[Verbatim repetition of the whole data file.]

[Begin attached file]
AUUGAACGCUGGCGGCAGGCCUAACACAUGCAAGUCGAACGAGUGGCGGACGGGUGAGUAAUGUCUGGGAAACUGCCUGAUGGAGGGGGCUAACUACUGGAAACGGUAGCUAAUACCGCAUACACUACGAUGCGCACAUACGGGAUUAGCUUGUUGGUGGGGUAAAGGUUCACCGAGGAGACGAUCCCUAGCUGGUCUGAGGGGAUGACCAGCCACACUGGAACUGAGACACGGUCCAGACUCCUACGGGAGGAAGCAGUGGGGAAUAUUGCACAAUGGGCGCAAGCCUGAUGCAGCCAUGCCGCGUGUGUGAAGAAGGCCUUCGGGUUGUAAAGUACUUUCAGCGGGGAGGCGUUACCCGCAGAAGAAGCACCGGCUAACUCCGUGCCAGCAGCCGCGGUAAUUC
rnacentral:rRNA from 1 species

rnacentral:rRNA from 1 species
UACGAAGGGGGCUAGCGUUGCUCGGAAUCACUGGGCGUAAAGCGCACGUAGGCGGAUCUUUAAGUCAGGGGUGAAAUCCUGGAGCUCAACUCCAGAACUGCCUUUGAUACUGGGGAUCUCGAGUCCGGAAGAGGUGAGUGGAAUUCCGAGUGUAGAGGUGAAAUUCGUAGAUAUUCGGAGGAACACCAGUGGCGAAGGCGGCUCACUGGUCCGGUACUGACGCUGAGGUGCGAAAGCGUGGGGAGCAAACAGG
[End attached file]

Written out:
AUUGAACGCUGGCGGCAGGCCUAACACAUGCAAGUCGAACGAGUGGCGGACGGGUGAGUAAUGUCUGGGAAACUGCCUGAUGGAGGGGGCUAACUACUGGAAACGGUAGCUAAUACCGCAUACACUACGAUGCGCACAUACGGGAUUAGCUUGUUGGUGGGGUAAAGGUUCACCGAGGAGACGAUCCCUAGCUGGUCUGAGGGGAUGACCAGCCACACUGGAACUGAGACACGGUCCAGACUCCUACGGGAGGAAGCAGUGGGGAAUAUUGCACAAUGGGCGCAAGCCUGAUGCAGCCAUGCCGCGUGUGUGAAGAAGGCCUUCGGGUUGUAAAGUACUUUCAGCGGGGAGGCGUUACCCGCAGAAGAAGCACCGGCUAACUCCGUGCCAGCAGCCGCGGUAAUUC
rnacentral:rRNA from 1 species

rnacentral:rRNA from 1 species
UACGAAGGGGGCUAGCGUUGCUCGGAAUCACUGGGCGUAAAGCGCACGUAGGCGGAUCUUUAAGUCAGGGGUGAAAUCCUGGAGCUCAACUCCAGAACUGCCUUUGAUACUGGGGAUCUCGAGUCCGGAAGAGGUGAGUGGAAUUCCGAGUGUAGAGGUGAAAUUCGUAGAUAUUCGGAGGAACACCAGUGGCGAAGGCGGCUCACUGGUCCGGUACUGACGCUGAGGUGCGAAAGCGUGGGGAGCAAACAGG